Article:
- This is what happens when the “most hated man on the Internet” messes with the wrong mother. – A mother takes on the king of revenge porn after her daughter’s topless photo got stolen and posted and comes out victorious. The amount of work she put in is staggering.
Revenge porn was a pack of wolves. It was tearing our family apart. Kayla was withdrawn. Charles was agitated, and I was obsessed. I contacted Hunter Moore’s publicist, his attorney, his hosting company, his Internet Service Provider in France, some of his advertisers and his mother’s former workplace at the city of Davis, where associates pressed for details about Mrs. Moore’s son and his venomous website. I also registered Kayla’s photo with the U.S. Copyright office and spoke to nine attorneys about copyright law, right to privacy and options for legal recourse. The consensus was that revenge porn was largely untested in the civil courts, while criminal laws were nonexistent, except in the state of New Jersey. Within days, I became an expert on revenge porn; and it was not long before lawyers were telephoning me for guidance.
- Sex, Books and Gender Roles: Guest Post – I don’t know what to make of this, but I found it interesting. I do know that the Dan Krokos post she cites looks kinda baseless and I don’t like the idea of needing to relate to the heroine and want to bang the hero. That’s not how I read and it sounds incredibly limiting for the genre.
It’s been said many times that romance readers relate to the heroine and desire the hero. Plain Jane meets Hottie McHot. He’s a Navy SEAL, a vampire, a billionaire. Sometimes all three. That’s not even a joke. While the heroine can be average or even “mousy,” the hero is usually tall, strong and good-looking. One of the few male romance readers I know once said that the heroes always have big dicks. He enjoyed imagining himself as the well-endowed hero, while many female readers imagine themselves as the heroine.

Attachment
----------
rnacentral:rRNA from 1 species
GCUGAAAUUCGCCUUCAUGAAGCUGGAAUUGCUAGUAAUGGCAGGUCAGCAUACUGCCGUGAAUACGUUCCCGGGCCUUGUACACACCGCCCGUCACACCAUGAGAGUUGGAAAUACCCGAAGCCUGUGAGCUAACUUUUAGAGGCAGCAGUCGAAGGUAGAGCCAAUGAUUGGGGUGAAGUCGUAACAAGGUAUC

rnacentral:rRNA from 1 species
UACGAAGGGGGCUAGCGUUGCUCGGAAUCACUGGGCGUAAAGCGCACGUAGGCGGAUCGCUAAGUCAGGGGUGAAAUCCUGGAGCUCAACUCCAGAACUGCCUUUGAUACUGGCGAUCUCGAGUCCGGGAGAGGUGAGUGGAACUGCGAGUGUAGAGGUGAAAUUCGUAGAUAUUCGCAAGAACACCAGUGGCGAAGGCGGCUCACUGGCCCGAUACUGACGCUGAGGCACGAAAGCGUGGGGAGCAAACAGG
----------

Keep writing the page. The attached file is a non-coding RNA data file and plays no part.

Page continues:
- Debating role of women in sports media – This is a meaty, full cup of coffee read that gives great insight into the world of sports media. Don’t read the comments.
Two weeks ago Amy K. Nelson, an award-winning multi-media journalist and a friend, wrote a thoughtful piece for The Hairpin.com on how women in the sports media are systematically at a disadvantage. It prompted some important dialogue on the internet and social media, as did a post by CBS Sports Radio host Amy Lawrence on the verbal and sexual harassment she’s experienced in the male-dominated world of sports radio. Both pieces struck a chord with me and prompted this column to reach out to six highly accomplished and respected women in the sports media for an email roundtable on the issues they deal with daily as women in the sports media.
- But Sometimes, It Does Suck – A reminder that “having a good attitude” towards one’s disability shouldn’t mean that all the challenges disappear and there’s nothing to complain about. Sometimes shit’s annoying. It’s just not the end of the world.
Some people might misread this post. They might want to post comments like “Stay strong!” or “You’re so brave!” If you’ve read much of this blog or any of my other posts, you know that’s the last thing I want. I’m not strong or brave or inspiring – I’m a person living my life the way that’s normal to me. All I’m saying is that there are emotional implications that come along with disability, and while portraying a character whose life is controlled by their disability is problematic, portraying a character who faces no emotional implications of their disability is problematic, too.
So, when writing a disabled character, think about this. You can still have an independent, capable character while acknowledging the emotional implications of that disability as well.
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An ice hockey fan from north of Boston and the genre's most beloved troll, Ridley enjoys reading contemporary and historical romance, as well as the odd erotica novel. As someone who uses a wheelchair, she takes a particular interest in disability themes.